Thomas Arbousset was a French Protestant pioneer missionary in Lesotho and church leader in Tahiti. Born in Pignan, France, of Huguenot stock, Arbousset decided to become a missionary at the age of 15. Educated at Mazéres by the Rev. André Gachon, an admirer of Moravian missions, he entered the Paris Evangelical Missionary Society (PEMS) School of Missions in 1829. He was ordained to the ministry in 1832 and sailed for southern Africa with Eugène Casalis and Constant Gosselin. Looking for a mission field, the missionaries found King Moshoeshoe of Lesotho prepared to receive them. They hoped he would become a Christian and bring his people with him to the gospel and to civilization. Arbousset furthered the so-called native agency: he set up a home missionary society in Lesotho in 1848, consisting of companies of Christian men who were responsible for the itinerant evangelization of the districts, and who reported to the mission center at Morija. Arbousset preceded Livingstone in combining mission with exploration; his reports received an award from the Geographical Society of Paris. In 1837 he married Katherine Rogers, of Cape Town. They had nine children. The family returned to France in 1860, but Katherine Arbousset drowned during the journey. Arbousset was sent in 1863 to Tahiti, a new field assigned to the PEMS in the wake of the French occupation. The task was to save the national Protestant church in Tahiti from harassment by the French administration and aggressive proselytism by Catholic missionaries. Arbousset stayed at Papeete, Tahiti, as head of the main congregation, with Queen Pomare as his parishioner. He succeeded in restoring trust among Protestants in Tahiti and returned to France in 1865. He accepted the call of the Reformed congregation at Saint Sauvant, near Poitiers, where he served as pastor until his death. His evangelical ministry was a blessing for the parish but a thorn in the flesh of the liberal Reformed consistory at Lusignan.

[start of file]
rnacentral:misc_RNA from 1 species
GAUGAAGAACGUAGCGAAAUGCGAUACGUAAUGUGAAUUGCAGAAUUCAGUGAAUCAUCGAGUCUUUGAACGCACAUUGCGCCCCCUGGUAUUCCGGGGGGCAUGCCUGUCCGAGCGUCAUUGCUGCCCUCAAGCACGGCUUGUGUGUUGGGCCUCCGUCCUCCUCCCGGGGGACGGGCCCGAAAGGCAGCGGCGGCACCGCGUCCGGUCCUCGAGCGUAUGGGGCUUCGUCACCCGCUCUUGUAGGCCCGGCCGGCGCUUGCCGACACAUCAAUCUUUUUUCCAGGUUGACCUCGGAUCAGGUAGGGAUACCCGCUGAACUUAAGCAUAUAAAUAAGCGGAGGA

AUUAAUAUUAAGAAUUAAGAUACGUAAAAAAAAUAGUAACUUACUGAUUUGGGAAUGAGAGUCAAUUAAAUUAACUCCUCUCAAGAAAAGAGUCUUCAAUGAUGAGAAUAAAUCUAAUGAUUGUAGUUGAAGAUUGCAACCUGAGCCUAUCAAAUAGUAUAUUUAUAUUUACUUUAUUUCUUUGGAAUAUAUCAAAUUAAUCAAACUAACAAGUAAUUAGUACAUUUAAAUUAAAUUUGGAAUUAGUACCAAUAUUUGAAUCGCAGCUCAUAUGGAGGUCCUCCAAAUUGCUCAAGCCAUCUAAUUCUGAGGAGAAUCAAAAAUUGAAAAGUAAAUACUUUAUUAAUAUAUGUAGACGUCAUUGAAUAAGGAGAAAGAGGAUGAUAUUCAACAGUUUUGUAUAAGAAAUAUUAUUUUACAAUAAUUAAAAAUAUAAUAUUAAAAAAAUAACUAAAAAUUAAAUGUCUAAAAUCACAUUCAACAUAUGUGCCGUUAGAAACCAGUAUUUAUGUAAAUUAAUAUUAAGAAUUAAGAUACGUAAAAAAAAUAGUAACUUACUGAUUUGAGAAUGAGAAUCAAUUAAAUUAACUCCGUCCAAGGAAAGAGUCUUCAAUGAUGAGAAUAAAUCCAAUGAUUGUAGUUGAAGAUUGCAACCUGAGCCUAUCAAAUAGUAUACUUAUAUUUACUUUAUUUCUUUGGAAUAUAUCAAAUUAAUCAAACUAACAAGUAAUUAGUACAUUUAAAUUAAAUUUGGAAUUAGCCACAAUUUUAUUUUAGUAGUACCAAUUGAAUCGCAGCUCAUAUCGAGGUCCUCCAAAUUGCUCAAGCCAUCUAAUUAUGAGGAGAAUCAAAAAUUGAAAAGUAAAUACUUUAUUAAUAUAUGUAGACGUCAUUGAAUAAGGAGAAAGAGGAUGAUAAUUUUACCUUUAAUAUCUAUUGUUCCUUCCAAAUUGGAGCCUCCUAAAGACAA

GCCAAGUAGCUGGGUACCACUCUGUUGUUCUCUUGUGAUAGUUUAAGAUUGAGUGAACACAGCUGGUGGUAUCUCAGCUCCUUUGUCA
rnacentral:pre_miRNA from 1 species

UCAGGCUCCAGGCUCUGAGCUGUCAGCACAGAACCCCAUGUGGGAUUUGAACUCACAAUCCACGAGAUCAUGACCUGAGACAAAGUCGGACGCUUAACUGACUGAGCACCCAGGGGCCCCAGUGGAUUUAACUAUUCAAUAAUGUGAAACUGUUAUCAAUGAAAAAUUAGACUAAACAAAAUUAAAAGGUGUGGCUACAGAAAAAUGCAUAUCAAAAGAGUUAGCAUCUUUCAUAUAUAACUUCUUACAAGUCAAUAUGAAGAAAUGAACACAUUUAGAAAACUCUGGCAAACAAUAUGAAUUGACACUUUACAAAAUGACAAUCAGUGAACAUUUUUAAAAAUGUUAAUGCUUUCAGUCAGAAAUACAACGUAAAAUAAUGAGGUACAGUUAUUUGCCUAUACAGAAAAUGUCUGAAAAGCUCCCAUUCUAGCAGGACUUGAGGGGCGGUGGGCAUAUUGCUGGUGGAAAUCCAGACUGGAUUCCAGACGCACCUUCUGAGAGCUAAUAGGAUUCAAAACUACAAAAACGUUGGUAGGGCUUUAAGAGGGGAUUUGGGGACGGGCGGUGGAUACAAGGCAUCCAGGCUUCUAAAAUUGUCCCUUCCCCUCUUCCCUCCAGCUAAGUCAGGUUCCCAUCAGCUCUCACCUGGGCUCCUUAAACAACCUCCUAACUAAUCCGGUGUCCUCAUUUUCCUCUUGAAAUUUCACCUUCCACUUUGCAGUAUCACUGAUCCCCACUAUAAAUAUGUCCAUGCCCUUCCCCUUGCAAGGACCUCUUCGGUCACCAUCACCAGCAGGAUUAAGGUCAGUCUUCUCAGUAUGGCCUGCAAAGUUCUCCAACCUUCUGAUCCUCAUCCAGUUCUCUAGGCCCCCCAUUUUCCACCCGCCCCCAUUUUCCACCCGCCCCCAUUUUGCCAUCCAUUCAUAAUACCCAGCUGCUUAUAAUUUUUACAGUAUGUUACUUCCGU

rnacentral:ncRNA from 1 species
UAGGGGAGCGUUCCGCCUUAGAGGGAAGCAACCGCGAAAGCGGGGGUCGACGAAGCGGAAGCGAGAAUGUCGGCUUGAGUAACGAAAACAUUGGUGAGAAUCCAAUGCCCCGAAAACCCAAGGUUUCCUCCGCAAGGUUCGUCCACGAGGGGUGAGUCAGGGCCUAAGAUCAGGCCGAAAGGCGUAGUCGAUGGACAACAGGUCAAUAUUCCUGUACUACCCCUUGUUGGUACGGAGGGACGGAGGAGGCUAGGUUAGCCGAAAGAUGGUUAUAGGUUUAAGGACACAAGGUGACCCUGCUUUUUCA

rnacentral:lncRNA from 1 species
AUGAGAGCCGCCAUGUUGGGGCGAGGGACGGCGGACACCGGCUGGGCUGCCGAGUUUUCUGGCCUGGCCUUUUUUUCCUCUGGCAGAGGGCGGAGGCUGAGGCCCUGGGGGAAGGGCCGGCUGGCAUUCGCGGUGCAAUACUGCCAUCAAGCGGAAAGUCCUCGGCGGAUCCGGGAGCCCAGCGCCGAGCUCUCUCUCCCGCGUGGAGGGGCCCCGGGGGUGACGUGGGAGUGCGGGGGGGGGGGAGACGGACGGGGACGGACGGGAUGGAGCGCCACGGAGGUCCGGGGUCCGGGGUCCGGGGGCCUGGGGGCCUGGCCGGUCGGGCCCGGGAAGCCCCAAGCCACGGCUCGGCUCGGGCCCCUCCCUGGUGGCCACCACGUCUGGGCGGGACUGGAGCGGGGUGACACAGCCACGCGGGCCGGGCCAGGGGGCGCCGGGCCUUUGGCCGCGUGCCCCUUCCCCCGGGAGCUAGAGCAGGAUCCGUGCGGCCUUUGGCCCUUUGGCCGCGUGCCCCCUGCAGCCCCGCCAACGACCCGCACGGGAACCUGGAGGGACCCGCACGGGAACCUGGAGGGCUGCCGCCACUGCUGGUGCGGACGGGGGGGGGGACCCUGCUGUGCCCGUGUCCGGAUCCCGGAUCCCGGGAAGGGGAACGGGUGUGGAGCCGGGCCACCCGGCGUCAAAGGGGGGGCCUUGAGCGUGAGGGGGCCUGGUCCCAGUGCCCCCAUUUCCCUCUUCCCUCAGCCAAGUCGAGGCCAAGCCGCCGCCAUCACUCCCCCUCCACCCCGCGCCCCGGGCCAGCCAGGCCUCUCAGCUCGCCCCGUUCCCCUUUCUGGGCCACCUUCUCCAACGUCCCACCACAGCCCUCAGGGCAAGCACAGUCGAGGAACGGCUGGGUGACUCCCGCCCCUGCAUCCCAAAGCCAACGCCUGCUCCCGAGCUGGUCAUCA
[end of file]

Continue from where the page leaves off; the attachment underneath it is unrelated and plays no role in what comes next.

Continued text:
Marc R. Spindler
Thomas Arbousset and François Daumas, Narrative of an Exploratory Tour to the North-East of the Colony of the Cape of Good Hope (1846, 1852, 1968); Thomas Arbousset, Missionary Excursion into the Blue Mountains: Being an account of King Moshoeshoe’s Expedition from Thaba-Bosiu to the Sources of the Malibamatso River in the Year 1840, David Ambrose and Albert Brutsch, trs. and eds. (1991); Henri Clavier,* Thomas Arbousset: Recherche historique sur son milieu, sa personnalité, son œuvre, parallèle avec Livingstone* (1965; abridged version, Thomas Arbousset pionnier, 1963).
This article is reproduced, with permission, from Biographical Dictionary of Christian Missions, copyright © 1998, by Gerald H. Anderson, W. B. Eerdmans Publishing Company, Grand Rapids, Michigan. All rights reserved.